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Ballot Measure 9 is the chronicle of what happened in Oregon during a particularly bitter battle over an anti-gay initiative promulgated by the Oregon Citizen’s Alliance (OCA) during the Clinton/Bush presidential race. With Colorado, Oregon was one of two test cases in 1992 for statewide referenda by conservative “family values” groups attempting to amend state constitutions to prevent and revoke laws which protect lesbians and gay men from discrimination. The Oregon Citizen Alliance’s Measure 9 went further, tying homosexuality to pedophilia  and sadomasochism, stating it was “abnormal, wrong, unnatural and perverse,” and mandating that schools and government agencies teach it to be such.n

Lon Mabon, chair of the OCA, called it “a simple battle between good and evil.”  Inflamma5tory newspapers printed by the OCA and distributed door to door statewide claimed, among other things, that homosexuals regularly ingest and wallow in feces, recruit children to their addictive lifestyle, and are 90 times more likely to be pedophiles. According to the OCA rhetoric, homosexuals want “special rights for wrong behaviors,” not equal rights. Asserting that by seeking so-called civil rights, homosexuals were seeking affirmative action (as well as quotas in the workplace), the OCAexplained that homosexuals would deprive deserving minorities of their “special rights” and take jobs away from other citizens.

Statewide, the resulting virulent discourse on the dangersand morality of homosexuality thrived, andin this climate of fear came the inevitable rise of vandalism, harassment, physical attacks and murder,of lesbians, gay men and their supporters.

Text of Ballot Measure 9:

If approved by voters, Measure 9 would have added the following language to the Oregon Constitution:

(1) This state shall not recognize any categorical provision such as “sexual preference,” and similar phrases that include homosexuality, pedophilia, sadism or masochism.  Quotas, minority status, affirmative action, or any similar concepts shall not apply to these forms of conduct, nor shall government promote these behaviors.

(2) State, regional and local governments and their properties and monies shall not be used to promote, encourage, or facilitate homosexuality, pedophilia, sadism or masochism.

(3) State, regional and local governments and their departments, agencies and other entities, including specifically the state Department of Higher Education and the public schools, shall assist in setting a standard for Oregon’s youth that recognizes homosexuality, pedophilia, sadism and masochism as abnormal, wrong, unnatural, and perverse and that these behaviors are to be discouraged and avoided.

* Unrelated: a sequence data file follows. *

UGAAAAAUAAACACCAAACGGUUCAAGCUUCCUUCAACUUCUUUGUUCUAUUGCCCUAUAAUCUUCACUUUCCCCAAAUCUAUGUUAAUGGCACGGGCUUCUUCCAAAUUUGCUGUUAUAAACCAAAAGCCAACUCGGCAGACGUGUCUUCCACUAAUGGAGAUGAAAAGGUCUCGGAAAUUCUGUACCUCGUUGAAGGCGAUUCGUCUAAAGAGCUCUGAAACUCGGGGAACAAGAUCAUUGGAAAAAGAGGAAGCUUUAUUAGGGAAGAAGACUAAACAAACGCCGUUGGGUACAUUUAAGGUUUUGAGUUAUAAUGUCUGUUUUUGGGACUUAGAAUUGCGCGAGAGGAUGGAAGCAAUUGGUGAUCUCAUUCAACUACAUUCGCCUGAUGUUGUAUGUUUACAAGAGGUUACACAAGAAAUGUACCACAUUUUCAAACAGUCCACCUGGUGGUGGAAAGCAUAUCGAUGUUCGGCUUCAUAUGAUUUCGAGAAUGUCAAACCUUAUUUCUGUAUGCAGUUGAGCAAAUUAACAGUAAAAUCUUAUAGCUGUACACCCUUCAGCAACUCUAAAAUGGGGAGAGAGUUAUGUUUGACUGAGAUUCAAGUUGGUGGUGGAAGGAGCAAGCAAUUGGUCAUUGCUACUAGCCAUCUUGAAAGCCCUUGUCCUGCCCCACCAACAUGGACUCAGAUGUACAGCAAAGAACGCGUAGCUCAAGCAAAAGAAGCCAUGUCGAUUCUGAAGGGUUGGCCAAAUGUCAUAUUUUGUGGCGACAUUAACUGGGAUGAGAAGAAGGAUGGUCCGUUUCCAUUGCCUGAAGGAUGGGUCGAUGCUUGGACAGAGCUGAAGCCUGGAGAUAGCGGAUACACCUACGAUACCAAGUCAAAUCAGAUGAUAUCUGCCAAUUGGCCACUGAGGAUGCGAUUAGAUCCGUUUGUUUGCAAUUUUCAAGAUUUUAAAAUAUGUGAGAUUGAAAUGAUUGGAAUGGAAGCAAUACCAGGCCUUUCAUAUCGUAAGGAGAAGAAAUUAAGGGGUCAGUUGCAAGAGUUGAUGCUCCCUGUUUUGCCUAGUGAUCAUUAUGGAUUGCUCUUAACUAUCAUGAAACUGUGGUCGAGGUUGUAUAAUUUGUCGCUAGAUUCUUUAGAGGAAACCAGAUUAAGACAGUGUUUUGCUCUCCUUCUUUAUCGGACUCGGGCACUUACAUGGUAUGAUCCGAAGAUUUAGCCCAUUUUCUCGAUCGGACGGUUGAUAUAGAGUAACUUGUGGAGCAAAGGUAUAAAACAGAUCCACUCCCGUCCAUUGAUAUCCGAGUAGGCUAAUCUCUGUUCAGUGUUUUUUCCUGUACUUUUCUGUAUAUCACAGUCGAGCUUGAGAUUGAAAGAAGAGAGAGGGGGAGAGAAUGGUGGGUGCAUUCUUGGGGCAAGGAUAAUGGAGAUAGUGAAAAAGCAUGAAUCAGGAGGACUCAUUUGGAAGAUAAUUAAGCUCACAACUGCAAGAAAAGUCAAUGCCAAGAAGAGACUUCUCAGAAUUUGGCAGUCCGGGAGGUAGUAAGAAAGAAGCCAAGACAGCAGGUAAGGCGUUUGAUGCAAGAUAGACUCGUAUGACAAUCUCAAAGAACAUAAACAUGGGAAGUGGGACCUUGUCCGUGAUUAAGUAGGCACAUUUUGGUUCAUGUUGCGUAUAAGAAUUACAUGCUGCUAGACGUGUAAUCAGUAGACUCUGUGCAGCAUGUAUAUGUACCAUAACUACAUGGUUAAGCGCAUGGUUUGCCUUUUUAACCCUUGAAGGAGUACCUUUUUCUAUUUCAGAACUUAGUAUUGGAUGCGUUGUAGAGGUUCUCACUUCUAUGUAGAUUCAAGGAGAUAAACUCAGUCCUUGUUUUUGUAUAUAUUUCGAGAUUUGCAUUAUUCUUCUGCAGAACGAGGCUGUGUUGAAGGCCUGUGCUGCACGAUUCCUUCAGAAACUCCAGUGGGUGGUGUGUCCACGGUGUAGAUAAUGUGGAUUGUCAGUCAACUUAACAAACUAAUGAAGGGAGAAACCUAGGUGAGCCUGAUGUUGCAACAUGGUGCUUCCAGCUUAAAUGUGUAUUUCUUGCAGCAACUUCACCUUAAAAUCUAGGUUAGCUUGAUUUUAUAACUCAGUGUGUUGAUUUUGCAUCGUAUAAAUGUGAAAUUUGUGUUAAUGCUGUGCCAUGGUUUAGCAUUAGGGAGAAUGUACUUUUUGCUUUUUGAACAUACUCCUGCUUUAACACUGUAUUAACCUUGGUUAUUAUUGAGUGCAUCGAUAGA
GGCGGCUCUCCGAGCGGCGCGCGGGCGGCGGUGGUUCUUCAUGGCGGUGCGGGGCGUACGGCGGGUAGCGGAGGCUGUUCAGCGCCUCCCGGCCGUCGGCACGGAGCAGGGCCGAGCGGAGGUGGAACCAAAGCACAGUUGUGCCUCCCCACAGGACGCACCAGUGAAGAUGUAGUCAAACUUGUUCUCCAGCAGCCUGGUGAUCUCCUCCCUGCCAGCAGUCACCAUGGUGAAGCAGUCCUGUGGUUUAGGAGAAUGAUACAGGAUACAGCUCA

Timeline since Measure 9:

While Ballot Measure 9 was defeated, a similar initiative was passed that day in Colorado. The legal challenge to Colorado's Amendment 2 went to the U.S. Supreme Court (Romer v. Evans, 517 U.S. 620 (1996)), where it was found unconstitutional. Justice Kennedy wrote in the majority opinion, "We must conclude that Amendment 2 classifies homosexuals not to further a proper legislative end but to make them unequal to everyone else. . . . The amendment seems inexplicable by anything but animus toward the class that it affects."

Meanwhile, back in Oregon:


1992-1994.

The Oregon Citizen’s Alliance pass dozens of local anti-gay ballots, and the state steps in to prevent enforcement. The OCA attempts similar initiatives statewide in Idaho and Washington, and another ten states vote on anti-gay referenda.

1994.  

Oregon voters narrowly defeat Measure 13, the OCA’s milder version of ‘92’s Measure 9.

2000.   

A new Measure 9 is rejected by a slight margin. It would have prohibited public school instruction that encouraged or sanctioned homosexual behaviors, and punished noncompliance with loss of state funding. 
2004.  

Oregon voters pass Measure 36, amending the state constitution to limit marriage to a man and a woman.
2007

In May, the state legislature passes a domestic partnership bill, giving the same benefits of marriage to same-sex couples, and a bill to ban discrimination based on sexual orientation. 
2014.
The ACLU and Basic Rights Oregon are work in tandem to overturn the Oregon's 2007 ban on lesbian and gay marriage -- in the legislature, the courts and the public arena. A ballot initiative campaign is underway to ask Oregon voters to replace the state marriage ban with the freedom to marry in November 2014. There is also a federal court lawsuit, filed in 2013, that alleges that Oregon’s constitutional ban on marriage for lesbian and gay couples—Measure 36—violates the U.S. Constitution.